BOOM: EFFECTIVE avg. 2016 ACA exchange rate hikes: ~9% nationally
2018 MIDTERM ELECTION
Time: D H M S
According to the McKinsey Center report, the nationwide weighted average increase is 11.7%, slightly below my 12-13% estimate. Unlike the Avalere Health report, the McKinsey study appears to be more of a true apples-to-apples comparison:
- It includes all 50 states, plus DC.
- It includes all Silver plans, not just the lowest-priced one.
- It includes all Metal Levels as well as Catastrophic.
In fact, the only significant differences between the McKinsey Center report and mine are:
- My estimate includes off-exchange ACA-compliant policies as well as exchange-based ones
- My estimate attempted to look at the average change as opposed to the median change (the distinction of which, admittedly, is often difficult to remember)
Regardless, I think it's safe to say that my 12-13% estimate is on pretty damned safe ground.
Of course, even if I'm 100% on target, the biggest caveat here is that these numbers all still assume that everyone renews their existing policies instead of shopping around, which everyone should do. The lowest-cost plan within a given metal level won't make sense for everyone, but it will for many people, and if a significant number of people switched to a lower-cost policy it would indeed reduce the average rate changes significantly (I could see the effective average rate hike ending up around perhaps 9-10% nationally after the dust settles next spring).
*IMPORTANT: This assumes that everyone currently enrolled sticks with their current policy next year. If enough people shop around and consider their options, the average premiums for various plans, various companies, in vartious states and nationally could end up being considerably lower (possibly coming in under 10% overall).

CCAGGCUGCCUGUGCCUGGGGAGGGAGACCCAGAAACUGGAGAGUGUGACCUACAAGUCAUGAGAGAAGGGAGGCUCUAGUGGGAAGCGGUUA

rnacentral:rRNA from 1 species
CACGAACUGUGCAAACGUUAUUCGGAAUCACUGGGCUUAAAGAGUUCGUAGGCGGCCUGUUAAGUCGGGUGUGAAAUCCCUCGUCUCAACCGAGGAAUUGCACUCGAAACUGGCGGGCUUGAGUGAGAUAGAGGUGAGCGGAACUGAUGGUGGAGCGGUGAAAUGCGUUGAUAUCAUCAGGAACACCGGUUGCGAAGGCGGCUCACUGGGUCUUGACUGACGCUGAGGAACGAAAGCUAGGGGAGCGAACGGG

Well, guess what? The Hill, Today:
The average ObamaCare premium rose to $408 per month for 2016 plans, about a 9 percent increase from this time last year, according to a new report from the Department of Health and Human Services.
However, 83 percent of ObamaCare enrollees pay far less than $408 because they get tax credits under the healthcare law. The average tax credit for 2016 is $294, meaning that the average share of the premiums that enrollees have to pay is $113. That is up $8 from the $105 people paid on average last year.
The size of the financial assistance from the government in turn increased as the overall premium level rose. The average tax credit increased from $268 to $294 per month.
As Republicans highlighted, premium increases for certain plans in some states were far higher, as much as 40 percent. But the report released Thursday shows that on average premium increases were less than that, and tax credits helped reduce the burden even more.
The average is more like 9.1%, actually ($408 vs. $374), but still.
Even better: As noted in the article, this report only includes the 38 states covered by HC.gov, and only covers enrollees thorugh 12/26/15, which means, assuming around 14 million QHP selections total by the end of Open Enrollment, that this report only analyzes around 60% of the national total (8.52 million). The overall average could move up or down a bit by the time the dust settles.
For instance, California's average rate hikes should only end up being around 4%. Since CA has enrolled nearly 1.5 million people, that would knock the overall average down to just 8.3% across around 71% of the total. Adding in the other dozen states, as well as the post-December enrollees, could move the needle up or down a few more tenths of a percent (my estimates for 8 of the remaining states (CO, CT, DC, MA, NY, RI, VT & WA) all average well below 10%, while the other 4 (ID, KY, MD & MN) came in at double digits.)
In other words, while rates on certain plans, from certain carriers, in certain regions of certain states did indeed go up substantially (ranging from small reductions in Indiana and Maine to a 33% average increase in Alaska), overall, the average increase nationally, even at full price is coming in under 10%.
...which means that in the end, the headline on my piece from last May was proven correct after all.